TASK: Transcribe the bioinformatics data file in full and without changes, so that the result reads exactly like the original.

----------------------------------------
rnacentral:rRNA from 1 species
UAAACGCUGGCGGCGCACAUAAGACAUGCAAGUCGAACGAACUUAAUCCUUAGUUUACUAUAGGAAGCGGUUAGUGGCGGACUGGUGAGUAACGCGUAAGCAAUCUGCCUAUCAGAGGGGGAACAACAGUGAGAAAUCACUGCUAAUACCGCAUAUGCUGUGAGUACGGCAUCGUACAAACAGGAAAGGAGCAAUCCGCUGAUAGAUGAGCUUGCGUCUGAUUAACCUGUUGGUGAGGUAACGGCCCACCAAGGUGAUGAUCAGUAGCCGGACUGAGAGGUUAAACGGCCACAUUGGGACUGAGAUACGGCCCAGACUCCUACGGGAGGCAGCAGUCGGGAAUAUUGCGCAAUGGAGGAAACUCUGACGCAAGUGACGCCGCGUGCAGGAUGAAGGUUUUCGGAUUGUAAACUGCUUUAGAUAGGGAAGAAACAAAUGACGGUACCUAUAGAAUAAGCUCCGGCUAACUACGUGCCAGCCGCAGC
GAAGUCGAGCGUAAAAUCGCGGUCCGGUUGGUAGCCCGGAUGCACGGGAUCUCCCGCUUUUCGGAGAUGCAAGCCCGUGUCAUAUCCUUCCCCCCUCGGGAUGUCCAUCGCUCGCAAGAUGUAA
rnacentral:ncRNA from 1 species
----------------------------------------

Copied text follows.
rnacentral:rRNA from 1 species
UAAACGCUGGCGGCGCACAUAAGACAUGCAAGUCGAACGAACUUAAUCCUUAGUUUACUAUAGGAAGCGGUUAGUGGCGGACUGGUGAGUAACGCGUAAGCAAUCUGCCUAUCAGAGGGGGAACAACAGUGAGAAAUCACUGCUAAUACCGCAUAUGCUGUGAGUACGGCAUCGUACAAACAGGAAAGGAGCAAUCCGCUGAUAGAUGAGCUUGCGUCUGAUUAACCUGUUGGUGAGGUAACGGCCCACCAAGGUGAUGAUCAGUAGCCGGACUGAGAGGUUAAACGGCCACAUUGGGACUGAGAUACGGCCCAGACUCCUACGGGAGGCAGCAGUCGGGAAUAUUGCGCAAUGGAGGAAACUCUGACGCAAGUGACGCCGCGUGCAGGAUGAAGGUUUUCGGAUUGUAAACUGCUUUAGAUAGGGAAGAAACAAAUGACGGUACCUAUAGAAUAAGCUCCGGCUAACUACGUGCCAGCCGCAGC
GAAGUCGAGCGUAAAAUCGCGGUCCGGUUGGUAGCCCGGAUGCACGGGAUCUCCCGCUUUUCGGAGAUGCAAGCCCGUGUCAUAUCCUUCCCCCCUCGGGAUGUCCAUCGCUCGCAAGAUGUAA
rnacentral:ncRNA from 1 species